Root vegetables grow best in deep, loose, sandy loam. I plant my potatoes in trenches and then hill them with soil as they grow. Potatoes may also be planted shallowly and mulched up as they grow with clean straw or other materials, or they can be grown in containers; including barrels, wire cages and bags. Other root vegetables —such as carrots and beets— are best grown directly in deep, loose soil or in raised beds. I like to grow my vegetables in wide, earthen mounds (similar to constructed beds, but with sloped sides, exposed for extra planting space) which give my crops an extra 8-12″ of depth at the root zone. There are many ways to grow vegetable crops, and how you choose to plant your garden depends largely upon your site. Raised beds offer many advantages for gardeners struggling with limited space and/or poor soil. Some vegetable growers choose to adhere to a strict ‘Square Foot Gardening‘ planting plan —popularized by Mel Bartholomew in his book by the same name— while others continue to grow crops in straight, narrowly hoed rows. My approach to potager design is a somewhat looser; closely resembling French vegetable gardening in style, with cultural methods similar to those of garden author Ed Smith (I am a fan of his classic, The Vegetable Gardener’s Bible, and always recommend it to my garden clients). I like to encourage gardeners to experiment with their space and adopt methods of cultivation that work best for them. Necessity is the mother of invention, and some of the most interesting horticultural innovations have come from creative, experimental growers.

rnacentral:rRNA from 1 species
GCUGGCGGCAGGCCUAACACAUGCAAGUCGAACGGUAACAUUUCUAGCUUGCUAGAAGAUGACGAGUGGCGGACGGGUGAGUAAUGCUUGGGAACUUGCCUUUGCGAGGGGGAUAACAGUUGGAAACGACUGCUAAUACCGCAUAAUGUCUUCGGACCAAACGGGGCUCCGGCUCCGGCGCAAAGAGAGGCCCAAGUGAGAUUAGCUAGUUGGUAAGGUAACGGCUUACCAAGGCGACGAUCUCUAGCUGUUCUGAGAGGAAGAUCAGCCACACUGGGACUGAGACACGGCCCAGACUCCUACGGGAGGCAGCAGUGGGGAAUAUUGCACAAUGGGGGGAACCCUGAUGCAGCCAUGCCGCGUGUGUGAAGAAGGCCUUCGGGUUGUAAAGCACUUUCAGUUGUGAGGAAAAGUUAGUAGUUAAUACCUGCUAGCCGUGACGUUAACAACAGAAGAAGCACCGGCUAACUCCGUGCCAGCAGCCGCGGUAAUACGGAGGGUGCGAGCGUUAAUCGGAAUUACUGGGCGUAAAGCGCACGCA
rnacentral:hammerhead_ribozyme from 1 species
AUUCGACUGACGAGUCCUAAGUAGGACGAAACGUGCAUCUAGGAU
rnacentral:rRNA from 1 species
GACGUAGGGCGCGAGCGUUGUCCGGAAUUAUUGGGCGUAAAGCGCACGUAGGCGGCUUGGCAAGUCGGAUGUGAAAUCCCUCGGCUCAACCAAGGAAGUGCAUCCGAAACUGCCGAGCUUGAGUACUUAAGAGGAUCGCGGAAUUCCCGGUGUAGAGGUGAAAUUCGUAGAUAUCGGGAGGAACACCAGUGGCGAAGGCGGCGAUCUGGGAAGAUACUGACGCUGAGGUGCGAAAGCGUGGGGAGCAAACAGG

Colorful vegetable crops delight the eye and jazz up the dinner plate

Last Year’s Delightful Potato Crop